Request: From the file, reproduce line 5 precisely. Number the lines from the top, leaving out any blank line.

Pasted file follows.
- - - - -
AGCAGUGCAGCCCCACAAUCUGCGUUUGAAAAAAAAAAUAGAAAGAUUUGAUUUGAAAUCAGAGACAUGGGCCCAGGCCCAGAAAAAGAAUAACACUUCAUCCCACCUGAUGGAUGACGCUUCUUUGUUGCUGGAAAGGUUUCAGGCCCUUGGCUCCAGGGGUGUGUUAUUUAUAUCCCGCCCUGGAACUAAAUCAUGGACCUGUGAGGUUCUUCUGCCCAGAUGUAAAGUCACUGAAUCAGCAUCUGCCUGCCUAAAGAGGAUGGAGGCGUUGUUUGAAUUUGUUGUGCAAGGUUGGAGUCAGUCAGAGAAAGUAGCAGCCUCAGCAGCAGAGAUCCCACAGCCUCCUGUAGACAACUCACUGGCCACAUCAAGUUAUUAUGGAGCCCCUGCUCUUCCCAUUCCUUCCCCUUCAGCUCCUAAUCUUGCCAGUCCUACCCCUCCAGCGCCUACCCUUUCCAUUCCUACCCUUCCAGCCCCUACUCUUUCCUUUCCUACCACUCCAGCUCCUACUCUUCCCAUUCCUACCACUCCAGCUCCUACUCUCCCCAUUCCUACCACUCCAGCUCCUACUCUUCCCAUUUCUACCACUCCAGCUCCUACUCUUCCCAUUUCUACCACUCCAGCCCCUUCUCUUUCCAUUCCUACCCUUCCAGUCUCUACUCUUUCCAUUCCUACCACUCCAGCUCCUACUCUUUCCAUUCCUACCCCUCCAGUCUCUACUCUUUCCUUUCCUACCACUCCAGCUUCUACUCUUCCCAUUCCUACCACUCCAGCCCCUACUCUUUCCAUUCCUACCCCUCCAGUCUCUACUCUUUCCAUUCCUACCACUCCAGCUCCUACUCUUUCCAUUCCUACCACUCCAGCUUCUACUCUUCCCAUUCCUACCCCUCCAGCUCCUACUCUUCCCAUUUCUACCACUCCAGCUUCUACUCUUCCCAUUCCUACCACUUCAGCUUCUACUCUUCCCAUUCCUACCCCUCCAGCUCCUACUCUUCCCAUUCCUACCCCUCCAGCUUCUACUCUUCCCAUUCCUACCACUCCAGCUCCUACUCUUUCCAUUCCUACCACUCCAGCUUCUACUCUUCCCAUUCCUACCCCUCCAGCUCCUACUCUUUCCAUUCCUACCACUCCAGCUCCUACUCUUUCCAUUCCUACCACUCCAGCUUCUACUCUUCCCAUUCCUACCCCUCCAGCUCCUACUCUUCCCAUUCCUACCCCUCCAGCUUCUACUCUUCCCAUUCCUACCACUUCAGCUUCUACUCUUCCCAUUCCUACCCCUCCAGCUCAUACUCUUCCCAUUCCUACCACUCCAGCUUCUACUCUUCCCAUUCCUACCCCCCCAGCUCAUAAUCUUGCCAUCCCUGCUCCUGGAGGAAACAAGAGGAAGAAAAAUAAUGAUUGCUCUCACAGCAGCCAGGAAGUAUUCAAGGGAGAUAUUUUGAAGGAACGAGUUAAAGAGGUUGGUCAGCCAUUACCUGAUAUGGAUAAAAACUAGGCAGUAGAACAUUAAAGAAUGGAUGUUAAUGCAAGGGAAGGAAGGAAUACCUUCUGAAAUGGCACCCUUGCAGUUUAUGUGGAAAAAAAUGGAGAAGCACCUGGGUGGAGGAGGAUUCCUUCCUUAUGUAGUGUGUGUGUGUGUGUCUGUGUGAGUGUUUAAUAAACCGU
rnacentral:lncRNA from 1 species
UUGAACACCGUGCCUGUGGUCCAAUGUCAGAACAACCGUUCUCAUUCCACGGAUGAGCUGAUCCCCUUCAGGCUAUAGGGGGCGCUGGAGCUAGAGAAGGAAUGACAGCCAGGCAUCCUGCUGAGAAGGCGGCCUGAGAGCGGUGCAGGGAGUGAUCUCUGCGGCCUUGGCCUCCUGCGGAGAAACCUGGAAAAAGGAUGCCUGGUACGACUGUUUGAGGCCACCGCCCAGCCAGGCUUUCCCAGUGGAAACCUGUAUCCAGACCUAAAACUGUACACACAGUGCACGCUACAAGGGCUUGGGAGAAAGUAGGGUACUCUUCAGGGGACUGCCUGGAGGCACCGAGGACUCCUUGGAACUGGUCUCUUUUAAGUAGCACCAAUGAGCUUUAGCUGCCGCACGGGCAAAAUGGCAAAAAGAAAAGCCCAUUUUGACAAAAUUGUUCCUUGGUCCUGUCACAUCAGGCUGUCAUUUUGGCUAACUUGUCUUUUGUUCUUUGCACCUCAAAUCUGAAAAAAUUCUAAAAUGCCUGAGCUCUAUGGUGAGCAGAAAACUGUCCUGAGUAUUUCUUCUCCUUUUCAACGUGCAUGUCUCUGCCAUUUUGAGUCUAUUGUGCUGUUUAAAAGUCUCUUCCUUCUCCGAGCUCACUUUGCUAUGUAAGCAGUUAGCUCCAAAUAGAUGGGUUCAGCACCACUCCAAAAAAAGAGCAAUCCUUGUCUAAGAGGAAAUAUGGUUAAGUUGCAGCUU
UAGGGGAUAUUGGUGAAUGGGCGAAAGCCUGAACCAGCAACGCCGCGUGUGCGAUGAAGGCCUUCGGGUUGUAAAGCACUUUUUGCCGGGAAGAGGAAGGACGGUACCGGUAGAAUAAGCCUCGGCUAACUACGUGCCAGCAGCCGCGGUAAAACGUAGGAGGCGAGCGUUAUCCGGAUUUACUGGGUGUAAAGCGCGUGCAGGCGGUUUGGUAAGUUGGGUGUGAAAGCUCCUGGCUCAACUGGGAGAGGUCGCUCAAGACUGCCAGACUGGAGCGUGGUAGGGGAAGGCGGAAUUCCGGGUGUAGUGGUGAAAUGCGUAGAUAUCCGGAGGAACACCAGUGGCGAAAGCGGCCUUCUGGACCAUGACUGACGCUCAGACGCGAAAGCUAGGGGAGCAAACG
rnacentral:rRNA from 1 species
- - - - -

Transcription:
rnacentral:rRNA from 1 species